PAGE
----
Richard Walters (born 14 January 1965), better known by his stage name Slick Rick, is a Grammy-nominated English-American rapper. He has also been known as Rick the Ruler and Ricky Dee. He began his career in late 1983, in the hip hop genre, where he recorded a series of acclaimed recordings such as "La Di Da Di" and "Children's Story". He is known for the use of narrative in his raps and has been called "hip hop's greatest storyteller."Slick Rick rose to stardom in an era known to fans as the Golden age of hip hop. His music has been frequently sampled and interpolated by other artists such as TLC, Black Star, The Notorious B.I.G., Snoop Dogg, and Color Me Badd, with many of these songs later becoming hit singles. ranked him #12 on their list of the Top 50 MCs of Our Time, while The Source ranked him #15 on their list of the Top 50 Lyricists of All Time.Early lifeWalters was born and raised in the south-west London district of Mitcham, to a British Jamaican family. He was blinded in the right eye by broken glass as an infant, and has worn an eyepatch ever since. He and his family moved to The Bronx in 1977. As a child, he met Dana Dane, with whom he later formed a hip hop duo known as the Kangol Crew.Initial fameWalters first gained success in the rap industry after joining Doug E. Fresh's Get Fresh Crew, using the stage name MC Ricky D. He was featured on the single "The Show" and its even more popular B-side, "La Di Da Di". La Di Da Di featured Walters' rapping over Doug E. Fresh's beatbox. Both tracks gained some mainstream attention. In 1988 Walters' solo debut The Great Adventures of Slick Rick came out on Def Jam Records. The album was very successful, reaching the #1 spot on Billboard's R&B/Hip-Hop chart. It also featured three charting singles: "Children's Story", "Hey Young World", and "Teenage Love".Incarceration and subsequent albumsIn 1990, Walters shot a bystander and his cousin whom he had hired as a bodyguard and who later admitted to having Walters shot outside a club. Walters was indicted on two counts of attempted murder and pled guilty to all charges, which included assault, use of a firearm, and criminal possession of a weapon. He spent five years in prison, two for the second degree attempted murder charges he received for the shooting, and three for his struggle with the Immigration and Naturalization Services over his residency in the US. He was bailed out by Russell Simmons, head of Def Jam Records.After being bailed out Walters recorded his second album, The Ruler's Back. The album got mixed reviews and wasn't as commercially successful as his debut. In the documentary film, The Show, Russell Simmons interviewed Walters while he was imprisoned on Rikers Island.Walters' third studio album Behind Bars was released in 1994, while he was still incarcerated. It was met with lukewarm sales and reviews. He was released from prison in 1996.Walters remained with the Def Jam label, and on May 25, 1999, released a fourth album entitled The Art of Storytelling. Generally considered the authentic follow up to his 1988 debut, The Art of Storytelling was an artistically successful comeback album that paired him with prolific MCs like Nas, OutKast, Raekwon, and Snoop Dogg among others.Subsequent legal issuesAfter performing on a Caribbean cruise ship in June 2001, Walters was arrested by the Immigration and Naturalization Service (INS) as he re-entered the United States through Florida. He was promptly told that he was being deported under a law allowing deportation of foreigners convicted of felonies. Rick was continuously refused bail, but after 17 months in prison he was released on November 7, 2003. In October 2006, the Department of Homeland Security began a new attempt to deport Walters back to England, moving the case from the United States Court of Appeals for the Second Circuit based in New York to the more conservative Eleventh Circuit. The court is based in Atlanta, Georgia but the trial was expected to proceed in Florida, where immigration agents originally arrested Walters.On May 23, 2008, New York Governor David Paterson granted Slick Rick a full and unconditional pardon on the attempted murder charges. The governor was pleased with his behavior since the mishap. Slick Rick has volunteered his time to mentor kids about violence.Later careerSlick Rick and the Soul Rebels Brass Band collaborated on June 21, 2012 in Washington, D.C. at the historic Howard Theatre which re-opened in April 2012.InfluenceSlick Rick's songs, especially his best-known songs "La Di Da Di" and "Children's Story", have been covered, referenced and sampled by numerous rappers. "La Di Da Di" was covered nearly word-for-word by Snoop Dogg on his 1993 album Doggystyle. It has also been sampled and interpolated on numerous other songs, including as the chorus of the Notorious B.I.G. hit "Hypnotize"."Children's Story" has been covered by rapper Everlast on his album Eat at Whitey's, by MC duo Black Star on their 1998 album Mos Def and Talib Kweli are Black Star, by Tricky on the album Nearly God and by Israeli rapper Sagol 59 on the album The Two Sides of Sagol 59. Rapper The Game recorded a similar song, "Compton Story". The song has also been referenced and interpolated by numerous artists, including Montell Jordan for his 1995 hit, "This Is How We Do It".The opening track on Jay-Z's Blueprint album is a cover of Slick Rick's "The Ruler's Back" and borrows heavily from the original lyrics.HonorsOn October 6, 2008, Rick was honoured on the VH1 Hip Hop Honors show.Rapping styleSlick Rick’s style is commended by music critics. Music journalist Peter Shapiro says, “'Children's Story' was important because of its narrative structure and Rick’s understanding of how crucial little sonic details—such as his use of a female voice and his yawning rap—were to hip hop style.”He is largely known for his story raps, such as ‘Children’s Story’ and ‘La Di Da Di'. Shapiro writes that he "largely introduced the art of narrative into hip hop… none of the spinners of picaresque rhymes who followed did it with the same grace or humor.” Allmusic states that he has the “reputation as hip hop's greatest storyteller.” In the book Check the Technique, Slick Rick says, “I was never the type to say freestyle raps, I usually tell a story, and to do that well I’ve always had to work things out beforehand.” Kool Moe Dee comments, “Slick Rick raised the lost art of hip hop storytelling to a level never seen again.” Devin the Dude notes that Slick Rick’s ‘Indian Girl’ is a good example of the type of humor that existed in hip hop’s golden era, and Peter Shapiro says that “he was funnier than Rudy Ray Moore or Redd Foxx.”Slick Rick uses very clear enunciation and raps with the “Queen’s English”. O.C. states: “The Great Adventures of Slick Rick is one of the greatest albums ever… the stuff he was just saying on there, it was so clear… the [clear\] syllable dude was Slick Rick for me”. He is also renowned for his unique “smooth, British-tinged flow” which contains distinct structures. In the book How to Rap, it is noted that on the song ‘I Own America’, he “puts a rest on almost every other 1 beat so that each set of two lines begins with a rest.” Kool Moe Dee stated that, “Rick accomplished being totally original at a time when most MCs were using very similar cadences.” He has what is described as “singsong cadences”; Andy Cat of Ugly Duckling mentions that Slick Rick uses a melodic delivery on the track ‘Hey Young World’. Slick Rick is also known to extensively use punch ins, especially in his story rhymes as different characters; Kool Moe Dee says Rick used “multi-voices to portray multiple characters.”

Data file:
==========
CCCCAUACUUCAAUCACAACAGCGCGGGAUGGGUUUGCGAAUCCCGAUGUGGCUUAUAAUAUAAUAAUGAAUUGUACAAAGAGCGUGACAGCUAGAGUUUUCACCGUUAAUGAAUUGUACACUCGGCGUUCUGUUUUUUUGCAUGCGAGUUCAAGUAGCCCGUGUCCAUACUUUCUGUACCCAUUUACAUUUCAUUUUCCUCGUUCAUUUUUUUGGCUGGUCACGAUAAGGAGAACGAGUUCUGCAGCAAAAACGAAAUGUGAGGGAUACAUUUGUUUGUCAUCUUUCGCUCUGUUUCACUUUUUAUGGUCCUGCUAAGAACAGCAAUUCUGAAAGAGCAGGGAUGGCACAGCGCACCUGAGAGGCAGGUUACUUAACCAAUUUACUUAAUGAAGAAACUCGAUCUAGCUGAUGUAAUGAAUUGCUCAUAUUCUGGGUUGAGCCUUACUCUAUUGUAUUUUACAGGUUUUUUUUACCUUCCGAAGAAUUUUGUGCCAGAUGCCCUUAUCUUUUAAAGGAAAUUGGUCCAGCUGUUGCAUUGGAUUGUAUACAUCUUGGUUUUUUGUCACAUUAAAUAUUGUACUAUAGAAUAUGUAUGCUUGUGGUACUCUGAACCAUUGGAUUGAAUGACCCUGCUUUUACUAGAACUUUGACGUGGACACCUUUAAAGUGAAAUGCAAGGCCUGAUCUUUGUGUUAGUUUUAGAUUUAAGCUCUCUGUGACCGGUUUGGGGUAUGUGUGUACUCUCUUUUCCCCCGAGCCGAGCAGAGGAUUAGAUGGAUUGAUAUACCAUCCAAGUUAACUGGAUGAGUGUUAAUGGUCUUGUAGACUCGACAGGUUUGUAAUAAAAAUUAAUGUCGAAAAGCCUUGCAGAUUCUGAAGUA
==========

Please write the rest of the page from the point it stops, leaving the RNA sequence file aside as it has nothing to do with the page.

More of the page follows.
Hot tracks